Williams v. Director, TDCJ-CID
ORDER OVERRULING OBJECTIONS AND ADOPTING THE MAGISTRATE JUDGE'S REPORT AND RECOMMENDATION that the petition be denied. A certificate of appealability shall not issue in this matter. Signed by Judge Thad Heartfield on 1/3/17. (mrp, )
IN THE UNITED STATES DISTRICT COURT
FOR THE EASTERN DISTRICT OF TEXAS
CIVIL ACTION NO. 1:15cv376
ORDER OVERRULING OBJECTIONS AND ADOPTING
THE MAGISTRATE JUDGE’S REPORT AND RECOMMENDATION
Petitioner Michael Williams, an inmate confined at the Goree Unit of the Texas Department
of Criminal Justice, Correctional Institutions Division (“TDCJ-CID”), proceeding pro se, filed the
above-styled petition for writ of habeas corpus pursuant to 28 U.S.C. § 2254.
The court previously referred this matter to the Honorable Zack Hawthorn, United States
Magistrate Judge, at Beaumont, Texas, for consideration pursuant to 28 U.S.C. § 636 and applicable
orders of this court. The Magistrate Judge has submitted a Report and Recommendation of United
States Magistrate Judge recommending the petition be denied.
The court has received and considered the Report and Recommendation of United States
Magistrate Judge, along with the record and pleadings. Petitioner filed objections to the Report
and Recommendation. The court must therefore conduct a de novo review of the objections.
Petitioner was previously released on mandatory supervision. On June 14, 2013, a prerevocation warrant for petitioner’s release was executed. For a period of time thereafter, petitioner
was incarcerated at the Bastrop County Jail. On August 6, 2013, his release on mandatory
supervision was revoked. He was subsequently returned to TDCJ-CID.
Petitioner received credit towards his sentence for the time he spent incarcerated at the
Bastrop County Jail. He asserts that pursuant to Article 43.10 of the Texas Code of Criminal
Procedure, he should receive double credit for the days he worked while incarcerated in the jail.
The court agrees with the Magistrate Judge’s conclusion that Article 43.10 does not apply
to petitioner’s situation. Article 43.10 provides that when a criminal defendant is sentenced to serve
a term of imprisonment in a jail after being convicted of a misdemeanor or felony, he is to receive
double credit towards his sentence for any days spent performing manual labor. However,
petitioner’s judgment sentenced him to 25 years of imprisonment in what was then known as the
Texas Department of Criminal Justice Institutional Division. As petitioner was in the Bastrop
County Jail awaiting transfer to TDCJ-CID, rather than as a result of being sentenced to a term of
imprisonment to be served in the jail, Article 43.10 does not entitle him to relief.1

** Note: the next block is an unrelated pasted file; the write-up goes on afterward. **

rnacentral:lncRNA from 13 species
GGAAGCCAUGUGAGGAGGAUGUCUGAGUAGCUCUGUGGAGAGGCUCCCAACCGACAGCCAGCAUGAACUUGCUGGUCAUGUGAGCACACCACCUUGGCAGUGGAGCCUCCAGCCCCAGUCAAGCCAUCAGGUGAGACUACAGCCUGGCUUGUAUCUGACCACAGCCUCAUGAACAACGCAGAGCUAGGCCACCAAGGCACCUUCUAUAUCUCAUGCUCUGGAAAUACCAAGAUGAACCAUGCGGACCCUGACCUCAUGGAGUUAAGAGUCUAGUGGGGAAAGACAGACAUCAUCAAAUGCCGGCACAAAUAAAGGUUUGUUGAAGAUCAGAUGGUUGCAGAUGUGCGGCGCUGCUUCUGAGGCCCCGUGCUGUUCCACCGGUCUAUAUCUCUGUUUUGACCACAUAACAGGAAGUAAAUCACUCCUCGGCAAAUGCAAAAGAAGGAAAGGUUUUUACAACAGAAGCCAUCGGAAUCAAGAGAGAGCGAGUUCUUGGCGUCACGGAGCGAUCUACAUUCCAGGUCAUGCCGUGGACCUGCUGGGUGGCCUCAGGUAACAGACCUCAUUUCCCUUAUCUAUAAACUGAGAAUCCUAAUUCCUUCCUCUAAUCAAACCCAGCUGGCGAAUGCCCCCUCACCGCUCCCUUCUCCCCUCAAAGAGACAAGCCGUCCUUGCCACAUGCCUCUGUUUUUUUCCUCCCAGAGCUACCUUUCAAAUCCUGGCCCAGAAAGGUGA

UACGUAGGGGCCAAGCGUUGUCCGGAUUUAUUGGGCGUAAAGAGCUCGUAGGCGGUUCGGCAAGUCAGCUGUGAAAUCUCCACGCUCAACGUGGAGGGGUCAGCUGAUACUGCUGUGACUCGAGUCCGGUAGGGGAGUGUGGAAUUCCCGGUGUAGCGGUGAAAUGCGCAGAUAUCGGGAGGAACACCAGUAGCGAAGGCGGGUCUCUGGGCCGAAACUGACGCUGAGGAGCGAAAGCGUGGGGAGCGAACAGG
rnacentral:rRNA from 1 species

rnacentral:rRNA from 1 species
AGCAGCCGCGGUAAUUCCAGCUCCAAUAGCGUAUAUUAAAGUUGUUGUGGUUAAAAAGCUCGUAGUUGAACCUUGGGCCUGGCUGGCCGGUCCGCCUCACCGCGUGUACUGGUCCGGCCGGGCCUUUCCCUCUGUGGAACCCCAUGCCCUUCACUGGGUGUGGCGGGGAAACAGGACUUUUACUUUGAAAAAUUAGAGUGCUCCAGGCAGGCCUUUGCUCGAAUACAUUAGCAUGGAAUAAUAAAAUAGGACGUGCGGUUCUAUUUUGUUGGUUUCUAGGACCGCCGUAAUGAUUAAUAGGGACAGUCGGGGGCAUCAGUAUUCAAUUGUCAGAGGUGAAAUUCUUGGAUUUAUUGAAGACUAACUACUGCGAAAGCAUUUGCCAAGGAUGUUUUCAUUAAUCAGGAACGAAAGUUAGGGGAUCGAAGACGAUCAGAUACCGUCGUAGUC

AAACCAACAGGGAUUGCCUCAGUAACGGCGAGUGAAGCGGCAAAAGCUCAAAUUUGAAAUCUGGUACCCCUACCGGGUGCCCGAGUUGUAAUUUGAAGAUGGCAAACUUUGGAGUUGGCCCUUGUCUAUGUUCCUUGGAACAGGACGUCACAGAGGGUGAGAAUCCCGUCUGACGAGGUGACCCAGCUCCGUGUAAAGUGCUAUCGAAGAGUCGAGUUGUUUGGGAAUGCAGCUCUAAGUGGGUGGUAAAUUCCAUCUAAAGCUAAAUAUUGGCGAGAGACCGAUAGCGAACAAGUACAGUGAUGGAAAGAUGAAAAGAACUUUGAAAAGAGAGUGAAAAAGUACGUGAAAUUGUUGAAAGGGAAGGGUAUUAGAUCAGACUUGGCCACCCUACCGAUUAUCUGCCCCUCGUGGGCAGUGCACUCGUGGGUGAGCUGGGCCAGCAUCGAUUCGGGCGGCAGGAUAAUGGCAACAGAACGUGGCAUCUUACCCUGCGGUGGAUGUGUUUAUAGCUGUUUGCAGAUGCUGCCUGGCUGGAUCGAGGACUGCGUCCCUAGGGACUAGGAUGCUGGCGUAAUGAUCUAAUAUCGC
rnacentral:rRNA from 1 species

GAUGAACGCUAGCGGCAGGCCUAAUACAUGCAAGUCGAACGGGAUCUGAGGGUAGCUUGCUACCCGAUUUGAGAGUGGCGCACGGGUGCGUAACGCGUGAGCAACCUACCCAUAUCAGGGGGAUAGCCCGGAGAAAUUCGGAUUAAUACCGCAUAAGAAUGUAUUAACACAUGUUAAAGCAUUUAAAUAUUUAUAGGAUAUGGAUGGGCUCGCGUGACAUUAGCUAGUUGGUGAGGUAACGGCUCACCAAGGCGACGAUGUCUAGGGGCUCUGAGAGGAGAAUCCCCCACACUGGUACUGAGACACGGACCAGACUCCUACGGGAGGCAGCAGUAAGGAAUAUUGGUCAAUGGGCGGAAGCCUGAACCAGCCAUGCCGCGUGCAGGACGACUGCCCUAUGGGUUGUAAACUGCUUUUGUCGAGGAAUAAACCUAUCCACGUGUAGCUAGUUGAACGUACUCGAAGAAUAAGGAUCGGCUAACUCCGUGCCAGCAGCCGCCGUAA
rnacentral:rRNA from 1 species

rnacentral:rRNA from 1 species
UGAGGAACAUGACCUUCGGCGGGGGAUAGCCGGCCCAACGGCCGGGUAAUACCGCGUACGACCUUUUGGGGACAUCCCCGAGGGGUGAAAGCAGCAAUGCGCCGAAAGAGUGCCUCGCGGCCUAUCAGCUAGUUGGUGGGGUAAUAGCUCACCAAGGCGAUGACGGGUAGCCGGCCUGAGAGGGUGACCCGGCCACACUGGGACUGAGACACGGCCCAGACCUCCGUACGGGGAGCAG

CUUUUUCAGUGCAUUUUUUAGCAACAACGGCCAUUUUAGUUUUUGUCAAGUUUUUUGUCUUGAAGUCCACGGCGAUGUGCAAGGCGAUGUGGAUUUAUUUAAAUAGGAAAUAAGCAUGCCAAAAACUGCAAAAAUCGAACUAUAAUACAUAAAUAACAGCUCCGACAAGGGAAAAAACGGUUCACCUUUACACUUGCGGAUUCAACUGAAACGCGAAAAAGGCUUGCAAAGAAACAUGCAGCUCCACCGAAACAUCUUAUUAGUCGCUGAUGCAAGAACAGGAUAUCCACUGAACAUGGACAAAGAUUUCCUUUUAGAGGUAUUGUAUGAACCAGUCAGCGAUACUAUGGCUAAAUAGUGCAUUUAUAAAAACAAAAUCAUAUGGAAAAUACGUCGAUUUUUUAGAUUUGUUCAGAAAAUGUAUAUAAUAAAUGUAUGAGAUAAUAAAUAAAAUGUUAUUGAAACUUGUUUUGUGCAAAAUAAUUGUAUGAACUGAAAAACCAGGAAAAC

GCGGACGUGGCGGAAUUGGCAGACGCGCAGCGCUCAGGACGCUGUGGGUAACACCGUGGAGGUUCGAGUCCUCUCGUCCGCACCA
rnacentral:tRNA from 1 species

Accordingly, petitioner’s objections are OVERRULED.
The findings of fact and
conclusions of law of the Magistrate Judge are correct and the report of the Magistrate Judge is
ADOPTED as the opinion of the court. A final judgment shall be entered denying this petition in
accordance with the recommendation of the Magistrate Judge.
In addition, the court is of the opinion petitioner is not entitled to a certificate of
appealability. An appeal from a judgment denying federal habeas relief may not proceed unless a
judge issues a certificate of appealability. See 28 U.S.C. § 2253. The standard for a certificate of
appealability requires the petitioner to make a substantial showing of the denial of a federal
constitutional right. See Slack v. McDaniel, 529 U.S. 473, 483-84; Elizalde v. Dretke, 362 F.3d 323,
328 (5th Cir. 2004). To make a substantial showing, the petitioner need not demonstrate that he
would prevail on the merits. Rather, he must demonstrate that the issues he raises are subject to
debate among jurists of reason, that a court could resolve the issues raised in a different manner, or
that the questions presented are worthy of encouragement to proceed further. See Slack, 529 U.S.
at 483-84. Any doubt regarding whether to grant a certificate of appealability should be resolved in
favor of the petitioner, and the severity of the penalty imposed may be considered in making this
determination. See Miller v. Johnson, 200 F.3d 274, 280-81 (5th Cir. 2000).
In this case, the petitioner has not shown that the issue of whether his petition is meritorious
is subject to debate among jurists of reason. The factual and legal issues raised by petitioner have
In her supplemental response, the respondent cited Texas Attorney General’s Opinion MW-497 in
support of her assertion that the petition is without merit. In his objections, petitioner states that the opinion, which
was issued in 1982, relied on a version of Article 42.09 of the Texas Code of Criminal Procedure that was
subsequently revised. However, neither the court nor the Magistrate Judge has relied on the attorney general’s
opinion in concluding that petitioner is not entitled to relief.
been consistently resolved adversely to his position and the questions presented are not worth of
encouragement to proceed further. As a result, a certificate of appealability shall not issue in this
SIGNED this the 3 day of January, 2017.
United States District Judge
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